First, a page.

At the BinTang Badminton facility in Burlingame, three very impressive young women play a special exhibition game. Kalea Sheung, Katelin Ngo and Kelly Yau have known each other from years of playing badminton at the highest levels.
Kalea, for example, has been playing at a deep age of 17 for more than a decade, since he was 6 years old. She knew badminton was in her blood when she started playing with her brother.
“They competed and toured places and pretty much chased their dreams,” says her mother Mona Sheung.
Katelin Ngo is also a badminton phenomenon who told ABC7: “I played doubles in the selection trials and won first place!”
Kalea and Katelin recently qualified to represent the U.S. team in Chengdu, China at the World University Games. It is a sporting event so prestigious that it is described as the second after the Olympic Games.
“For me, it’s a really big deal,” Kalea shines. The Games have been postponed to 2023 and while there is no guarantee that she will continue to go next year, it is still exciting to qualify.
Friend Kelly says she has “represented Panama for almost a decade” at various tournaments and games. She wanted to join the training because of a special guest.
Tony Gemignani joins. He himself was once a badminton champion, although almost 30 years ago.
“I was number one mixed doubles, number one doubles, singles. I played second, junior and senior in high school, a little after high school, but honestly I haven’t played 29 years since I graduated in 1991.” Tony smiled.
After learning about Kale’s trip to the games and fundraising of other young people from the Bay Area, Tony was so inspired that he offered to help raise funds in his own way.
Money explains why there are so many challenges in funding sports. “As a sport it’s not as popular as other sports,” she says behind the counter at Bintang, where she works part-time.
Because of Tony’s offer to help them, Kalea, Kaitlin and Kelly wanted to help Tony in his game. It is a journey of the full circle, one that may bring communities together.
“Honestly, I was one of the few white guys in the league because they dominated, it was an Asian sport. I was a minority, they were always welcome. It’s one of those things, if you love what you do, for who cares what people are they talking? ” says Tony.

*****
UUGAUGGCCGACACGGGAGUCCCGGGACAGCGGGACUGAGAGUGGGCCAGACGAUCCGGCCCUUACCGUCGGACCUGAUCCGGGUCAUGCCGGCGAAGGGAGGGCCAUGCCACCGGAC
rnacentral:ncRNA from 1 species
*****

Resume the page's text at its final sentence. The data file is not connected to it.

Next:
This story does not end in the courts. It continues in San Francisco, at Tony’s Pizza Restaurant in North Beach, Italy’s San Francisco district. This is the perfect place to illustrate how he is a champion of another kind.
Tony can not only be considered the KING of pizza, with more than 30 restaurants across the country, but he is also a 13-time world pizza champion.
He shows off his talent for Mona and young women as the holder of the Guinness World Record for rolling the largest pizza dough and throwing a circle over his shoulder and between his legs as if he were a Harlem Globetrotters basketball.
In addition to the fun, Tony presents a special pizza he invented and which will be put on the menu all month in May, and is dedicated to badminton qualifications, and the proceeds go to their badminton trip.
“I’m going to show them how to make pizza, and we at Tony’s are going to dedicate a really amazing Asian Italian fusion pizza and it’s going to be great,” he says behind the counter of his restaurant.
Appropriately named Panda Pie, the pizza is an ode to the place where the games will be held and contains local Asian ingredients.
“The first thing I thought of was lap cheong, a Chinese dried sausage. George Chen, a famous chef in Chinatown, China Live, I went to him and said I wanted to take this and add hot pepper oil to it and add that Italian Chinese flavor for it.”
After gathering all the ingredients and learning a technique, Tony shows how flavors and cultures come together in 90 seconds for a big goal.
“It’s soft, it’s really a Neapolitan style of chewing, but a Californian, Italian, Chinese twist,” she says as Mona and the women bite. Kelly nods, as does Katelin. “It’s really good, it has a little spice with mixed honey.” Katelin calls it “amazing.”
The trio of friends in badminton then re-use their teamwork to try their hand at making Panda Pie, which looks easier than it actually is. Young women laugh that maneuvering a pie with a giant pizza crust is not as easy as handling a badminton racket.
Kalea sums up what it means for her, that someone so seemingly randomly cares about their quest for success in badminton. “It’s a big part of OUR lives, and the fact that Tony wants to support us in sports is obviously a big thing for the community, not just for me.”
Tony says that thanks to this casual match and meeting with the women he will take his racket again and start playing again.
Panda pie is also available at Tony’s restaurant in North Beach just for dinner until the end of the month. All proceeds will go to group fundraising for the Bay Area Qualifiers for the World University Games. While there is no guarantee that they will be able to play in 2023 when the games resume, funding will allow these young people to travel and play in other tournaments around the world.
Mona too set up GoFundMe help their efforts.
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